The many 'sources' for fabricating the 'Xinjiang genocide' reports
First Voice

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Xinjiang, Xinjiang, Xinjiang. That's what's dominating Western media reporting on China. They treat the allegations of so-called "genocide" in the region as gospel and often argue that there are a great deal of "credible sources" and "scholars" that provide evidence of these "crimes" of which the Chinese government is routinely accused. Emphasis is repeatedly drawn on conclusions, headlines and talking points, as opposed to scrutinizing the details or credibility of the information in question.

The BBC, for one, has been relentless in pushing this issue. Its implementation on the agenda is not a coincidence. These kinds of report more resemble a shady coordinated effort to pursue geopolitical confrontation against China as opposed to valid scholarship. The rise in coverage concerning the region has proliferated directly in tandem with the bid to escalate geopolitical hostility against China and to incentivize support for politicians' hawkish policies.

But the fact is, they are missing or directly omitting and ignoring the illegitimacy of the information they use. 

Outside view of Broadcasting House, BBC headquarters in Central London, UK, January 17, 2021. /Getty

Outside view of Broadcasting House, BBC headquarters in Central London, UK, January 17, 2021. /Getty

The Newlines Institute for Strategy and Policy, for example, has become a hot commodity in Western media for its' report on the so-called Xinjiang "genocide". It created a study that claimed that China was violating "every article of the UN genocide convention." The western media, as they often do with this kind of story, focused on the assertion in the headline and didn't dig deeper. But the piece itself was flawed as it simply regurgitated and twisted a number of quotes from Chinese officials urging the weeding out and defeat of extremism.

Investigations by independent media have found that the Newlines Institute was, in fact, a front for the International Institute of Islamic Thought, an Islamist neo-conservative organization that was described by the Washington Post in 2006 as "the nation's largest terrorism-financing investigation." Yet now, as the West's geopolitical focus has shifted from anti-terrorism to anti-China, this shady network suddenly becomes an impartial and reliable source to propagate serious allegations concerning the Xinjiang Uygur Autonomous Region.

Adrian Zenz, who has been persistently framed as a "world leading expert" on Xinjiang by the BBC, is also considered a contributor to this institute. For three years, he has been many organizations' go-to source on the matter and has been cited at least 50 times in digital reports alone, often translated into various languages targeted strategically at the Muslim world with the intention of whipping up anti-China sentiment. In doing so, the coverage offers zero-scrutiny of his views, what he represents and the agenda he is peddling.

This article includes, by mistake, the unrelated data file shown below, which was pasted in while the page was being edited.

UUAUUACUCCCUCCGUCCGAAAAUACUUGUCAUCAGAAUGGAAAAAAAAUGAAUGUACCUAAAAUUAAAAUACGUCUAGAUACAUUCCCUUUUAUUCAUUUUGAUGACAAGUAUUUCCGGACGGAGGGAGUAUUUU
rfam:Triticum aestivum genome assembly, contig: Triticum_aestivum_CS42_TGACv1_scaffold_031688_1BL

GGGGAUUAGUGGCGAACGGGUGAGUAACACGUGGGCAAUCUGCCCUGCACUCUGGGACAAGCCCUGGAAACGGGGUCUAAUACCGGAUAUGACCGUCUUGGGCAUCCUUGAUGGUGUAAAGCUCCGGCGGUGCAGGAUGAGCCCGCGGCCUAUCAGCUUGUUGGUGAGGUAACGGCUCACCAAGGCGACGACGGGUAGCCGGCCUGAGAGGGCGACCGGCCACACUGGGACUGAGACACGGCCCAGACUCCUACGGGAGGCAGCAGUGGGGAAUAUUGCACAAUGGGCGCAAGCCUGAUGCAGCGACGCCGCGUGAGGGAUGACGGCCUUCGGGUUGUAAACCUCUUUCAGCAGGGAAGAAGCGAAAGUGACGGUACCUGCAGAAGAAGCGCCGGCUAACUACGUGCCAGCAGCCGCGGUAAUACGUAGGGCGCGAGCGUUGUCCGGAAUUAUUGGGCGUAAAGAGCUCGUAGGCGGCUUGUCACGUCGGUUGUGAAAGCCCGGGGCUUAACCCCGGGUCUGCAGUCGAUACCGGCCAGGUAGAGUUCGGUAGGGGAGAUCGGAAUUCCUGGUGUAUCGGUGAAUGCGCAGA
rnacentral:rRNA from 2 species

Zenz might accurately be described as a far-right fundamentalist Christian, which gives him an obvious extreme ideological bias against China. But what's more pronounced is his affiliation with two particularly dubious institutions: The Victims of Communism Memorial Foundation and The Jamestown Foundation, both of which sit on the far-right of U.S. politics and place ideological goals above empiricism, the latter of which was founded by the CIA.

A screenshot of a Grayzone article exposing Zenz.

A screenshot of a Grayzone article exposing Zenz.

There is evidence Zenz and VoC have been mobilized to discredit China. Before 2018, they were an irrelevance in global public discourse. Their financial records show, however, that when the Trump administration unleashed anti-China policies in Washington, funding for the Victims of Communism foundation suddenly increased. Zenz was, in this period, transformed from an obscure fundamentalist ideologue into a "world- leading researcher" by the mainstream media. He has since then taken the leading role in creating propaganda that advances geopolitical goals on Xinjiang. When busted and confronted by CGTN, he chose to block our social media account.

Finally, worthy of mention is the Australian Strategic Policy Institute (ASPI), a think-tank based in Canberra that describes itself as "independent." It has been one of the key conveyors of pushing an anti-China narrative within Australia, including allegations of forced labor and through the so-called satellite imagery which has misrepresented various facilities in Xinjiang.

What is rarely touched upon by the media is that the ASPI is a military-industrial complex-founded think tank that is funded by various defense contractors in the U.S. arms industry, including Lockheed Martin and Raytheon and has also received money from the State Department and NATO to push an anti-China narrative. Despite this obvious tainted agenda, the mainstream media continue to depict ASPI as a credible and impartial source of information.

The Western media present Xinjiang as a human rights crisis. In reality, they are more than happy to ignore all the real human rights crises around the world but deliberately politicize Xinjiang in order to discredit China and manufacture support for hostile policies. In doing so, the Western media have tapped into a comprehensive network of dubious sources that all have vested ideological agendas at the behest of various shady groups with connections to governments. What is essentially propaganda is being marketed as impartial, nuanced and integrity-driven research. But this could not be further from the truth. It is time to wake up and recognize this campaign of misinformation and disinformation for what it is.

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